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Formula 1 Monaco GP

F1 drivers want to revisit red-flag tyre rule that "ruined" Monaco GP

Max Verstappen and Fernando Alonso are among drivers calling for changes to Formula 1's red-flag tyre rules that they feel "ruined" the Monaco Grand Prix.

A marshal waves the red flag after a crash invloving Sergio Perez, Red Bull Racing, Kevin Magnussen, Haas F1 Team, and Nico Hulkenberg, Haas F1 Team, on the opening lap

Sunday's 78-lap cruise through the Monaco streets was hamstrung by a heavy first-lap crash involving Sergio Perez and Haas drivers Kevin Magnussen and Nico Hulkenberg.

Under the resulting red flag, all drivers were allowed to change tyres, negating the need for mandatory pitstops later on.

The rule stops disadvantaging drivers who are yet to pit right before a mid-race red flag, but having a lap-one red flag on a circuit like Monaco, where overtaking is almost impossible and where the tyres can last the whole race, has had some unintended side-effects.

Not only did that disadvantage drivers who opted to try something different and start on the hard tyres, forcing them to complete a full race distance on mediums, but it also eliminated any jeopardy that could arise from pitstop execution and strategy in general.

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In Monaco, the polesitter is extremely likely to win, but botched pitstops or strategy calls have cost wins in the past to the likes of Daniel Ricciardo and Charles Leclerc, injecting the chance of some drama into an otherwise lifeless affair.

Across the spectrum drivers lamented that the lap-one red flag killed any sort of strategic plays.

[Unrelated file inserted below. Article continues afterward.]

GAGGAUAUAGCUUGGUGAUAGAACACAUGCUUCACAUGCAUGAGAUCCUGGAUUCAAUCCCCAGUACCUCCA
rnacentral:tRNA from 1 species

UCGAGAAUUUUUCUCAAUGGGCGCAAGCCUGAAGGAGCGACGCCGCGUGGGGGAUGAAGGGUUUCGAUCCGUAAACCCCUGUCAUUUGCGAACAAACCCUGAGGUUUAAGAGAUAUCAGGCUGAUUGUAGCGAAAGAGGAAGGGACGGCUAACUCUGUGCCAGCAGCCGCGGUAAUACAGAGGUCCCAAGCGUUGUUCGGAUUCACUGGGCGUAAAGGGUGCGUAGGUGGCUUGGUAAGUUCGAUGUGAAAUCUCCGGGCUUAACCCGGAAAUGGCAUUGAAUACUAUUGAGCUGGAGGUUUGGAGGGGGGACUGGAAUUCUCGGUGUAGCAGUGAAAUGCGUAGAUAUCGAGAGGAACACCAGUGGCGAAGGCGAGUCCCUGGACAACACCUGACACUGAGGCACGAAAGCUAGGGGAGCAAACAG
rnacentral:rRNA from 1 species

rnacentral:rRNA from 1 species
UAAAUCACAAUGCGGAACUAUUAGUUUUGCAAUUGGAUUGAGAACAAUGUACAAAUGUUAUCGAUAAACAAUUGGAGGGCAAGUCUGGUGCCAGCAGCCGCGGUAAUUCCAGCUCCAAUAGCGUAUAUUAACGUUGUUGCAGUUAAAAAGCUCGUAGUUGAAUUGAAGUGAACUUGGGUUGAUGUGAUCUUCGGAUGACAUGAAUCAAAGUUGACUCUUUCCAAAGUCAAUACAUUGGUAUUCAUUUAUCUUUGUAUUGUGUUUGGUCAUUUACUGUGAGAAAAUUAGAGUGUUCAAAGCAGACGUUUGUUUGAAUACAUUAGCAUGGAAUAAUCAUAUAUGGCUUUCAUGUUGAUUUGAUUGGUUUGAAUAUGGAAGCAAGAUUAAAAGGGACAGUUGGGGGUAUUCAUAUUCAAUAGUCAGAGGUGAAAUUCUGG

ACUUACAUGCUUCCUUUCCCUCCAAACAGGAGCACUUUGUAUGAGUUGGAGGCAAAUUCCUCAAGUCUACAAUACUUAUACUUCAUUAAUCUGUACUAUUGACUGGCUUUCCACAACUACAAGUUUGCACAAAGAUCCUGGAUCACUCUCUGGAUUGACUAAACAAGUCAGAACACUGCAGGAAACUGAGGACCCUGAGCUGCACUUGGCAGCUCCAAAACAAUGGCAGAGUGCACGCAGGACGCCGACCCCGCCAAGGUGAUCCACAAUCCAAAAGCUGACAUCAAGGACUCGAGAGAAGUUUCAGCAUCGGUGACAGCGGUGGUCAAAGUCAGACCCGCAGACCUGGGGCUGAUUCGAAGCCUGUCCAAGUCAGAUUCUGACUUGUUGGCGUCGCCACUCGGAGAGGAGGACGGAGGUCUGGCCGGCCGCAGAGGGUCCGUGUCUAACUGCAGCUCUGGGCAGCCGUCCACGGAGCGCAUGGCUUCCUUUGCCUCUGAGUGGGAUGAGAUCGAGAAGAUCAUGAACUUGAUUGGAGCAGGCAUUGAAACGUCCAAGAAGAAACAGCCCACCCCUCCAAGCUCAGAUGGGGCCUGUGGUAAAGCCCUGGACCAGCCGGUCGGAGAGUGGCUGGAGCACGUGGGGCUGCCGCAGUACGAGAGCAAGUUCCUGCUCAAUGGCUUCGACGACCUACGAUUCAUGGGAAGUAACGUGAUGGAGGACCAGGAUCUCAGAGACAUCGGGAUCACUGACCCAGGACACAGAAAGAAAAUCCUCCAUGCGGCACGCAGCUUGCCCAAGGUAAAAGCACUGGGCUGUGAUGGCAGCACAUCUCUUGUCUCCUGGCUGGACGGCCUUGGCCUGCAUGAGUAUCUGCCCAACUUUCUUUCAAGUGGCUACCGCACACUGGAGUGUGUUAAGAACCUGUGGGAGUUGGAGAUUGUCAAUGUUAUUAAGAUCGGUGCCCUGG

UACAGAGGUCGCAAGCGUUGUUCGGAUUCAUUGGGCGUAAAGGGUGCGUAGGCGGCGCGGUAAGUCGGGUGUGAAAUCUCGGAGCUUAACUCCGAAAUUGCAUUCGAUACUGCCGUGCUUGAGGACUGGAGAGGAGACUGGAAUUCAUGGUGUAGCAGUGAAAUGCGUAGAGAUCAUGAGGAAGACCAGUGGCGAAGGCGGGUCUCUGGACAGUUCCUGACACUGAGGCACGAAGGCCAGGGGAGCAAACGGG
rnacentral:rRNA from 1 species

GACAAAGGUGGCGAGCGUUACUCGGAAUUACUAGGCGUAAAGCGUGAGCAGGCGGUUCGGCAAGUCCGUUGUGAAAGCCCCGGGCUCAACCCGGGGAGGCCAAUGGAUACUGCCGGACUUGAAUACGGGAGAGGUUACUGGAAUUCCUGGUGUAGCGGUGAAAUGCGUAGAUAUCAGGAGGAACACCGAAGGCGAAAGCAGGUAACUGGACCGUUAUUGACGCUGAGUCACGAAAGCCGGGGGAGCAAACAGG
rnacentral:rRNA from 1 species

"After the red flag, our strategy was ruined as we had to put the medium on to the end as everyone had a free stop and that meant that we had to save a lot," sixth-placed Verstappen said.

George Russell, Mercedes W15

George Russell, Mercedes W15

Photo by: Erik Junius

"I just tried to follow George and we were so off the pace trying to manage the tyres. That is quite boring out there, driving literally half throttle on the straights in some places."

Fourth-placed finisher Lando Norris agreed with Verstappen, saying: "There's just nothing you can do, especially with the red flag at the beginning, I think that ruined any other opportunities that might have come my way with strategy and tyre-saving, so a bit of a shame."

Even Williams' Alex Albon, who actually benefitted from the free pitstop because he had started on mediums, acknowledged that the current rules didn't make a whole lot of sense.

"Yeah, we need to figure out what's going on. I think that if it's a lap-one red flag, still have a mandatory pitstop in there or something. It worked in our favour to be fair to you, so I won't complain too much..."

Alex Albon, Williams FW46

Alex Albon, Williams FW46

Photo by: Zak Mauger / Motorsport Images

At the 2021 Saudi Arabian Grand Prix Norris had already slated what he called "possibly the worst rule ever invented" after he had pitted under the safety car, right before the race was red-flagged for an incident. That made him drop from sixth to 14th while watching everyone ahead of him get a free stop.

Aston Martin driver Alonso hoped Sunday would bring the issue back on the agenda after previous discussions on the rule didn't amount to anything.

"The only point of interest in a Monaco race is the pitstops that you have to do," he said. "If you remove that excitement of a pitstop, then it becomes nothing.

"Maybe it reopens the conversations of when there is a red flag, not changing tyres or being obliged to have the same tyre or something, because if not, there are certain occasions that the race is compromised."

When asked by Motorsport.com if he was hopeful the rule would be revisited this time, he snapped back:  "I don't know. There are many things that they have not changed, probably because they don't listen to the drivers."

Watch: F1 2024 Monaco GP Review – Leclerc Finally Breaks the Curse

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